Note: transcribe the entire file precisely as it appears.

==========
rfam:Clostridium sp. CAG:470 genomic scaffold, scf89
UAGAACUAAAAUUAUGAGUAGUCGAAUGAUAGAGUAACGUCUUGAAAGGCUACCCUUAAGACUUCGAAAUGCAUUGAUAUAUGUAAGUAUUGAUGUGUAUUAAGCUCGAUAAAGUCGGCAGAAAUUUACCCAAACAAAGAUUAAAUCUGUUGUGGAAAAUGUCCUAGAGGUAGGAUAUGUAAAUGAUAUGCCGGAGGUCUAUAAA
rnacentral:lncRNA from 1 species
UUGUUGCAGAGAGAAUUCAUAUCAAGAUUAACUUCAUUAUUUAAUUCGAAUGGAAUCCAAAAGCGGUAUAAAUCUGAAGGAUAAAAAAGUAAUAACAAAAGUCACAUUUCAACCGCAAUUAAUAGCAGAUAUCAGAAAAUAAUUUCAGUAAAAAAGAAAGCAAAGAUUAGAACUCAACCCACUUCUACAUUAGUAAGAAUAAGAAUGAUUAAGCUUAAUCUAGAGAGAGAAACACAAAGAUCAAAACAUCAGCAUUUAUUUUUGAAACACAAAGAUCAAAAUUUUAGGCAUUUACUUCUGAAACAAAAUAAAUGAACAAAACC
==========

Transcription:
rfam:Clostridium sp. CAG:470 genomic scaffold, scf89
UAGAACUAAAAUUAUGAGUAGUCGAAUGAUAGAGUAACGUCUUGAAAGGCUACCCUUAAGACUUCGAAAUGCAUUGAUAUAUGUAAGUAUUGAUGUGUAUUAAGCUCGAUAAAGUCGGCAGAAAUUUACCCAAACAAAGAUUAAAUCUGUUGUGGAAAAUGUCCUAGAGGUAGGAUAUGUAAAUGAUAUGCCGGAGGUCUAUAAA
rnacentral:lncRNA from 1 species
UUGUUGCAGAGAGAAUUCAUAUCAAGAUUAACUUCAUUAUUUAAUUCGAAUGGAAUCCAAAAGCGGUAUAAAUCUGAAGGAUAAAAAAGUAAUAACAAAAGUCACAUUUCAACCGCAAUUAAUAGCAGAUAUCAGAAAAUAAUUUCAGUAAAAAAGAAAGCAAAGAUUAGAACUCAACCCACUUCUACAUUAGUAAGAAUAAGAAUGAUUAAGCUUAAUCUAGAGAGAGAAACACAAAGAUCAAAACAUCAGCAUUUAUUUUUGAAACACAAAGAUCAAAAUUUUAGGCAUUUACUUCUGAAACAAAAUAAAUGAACAAAACC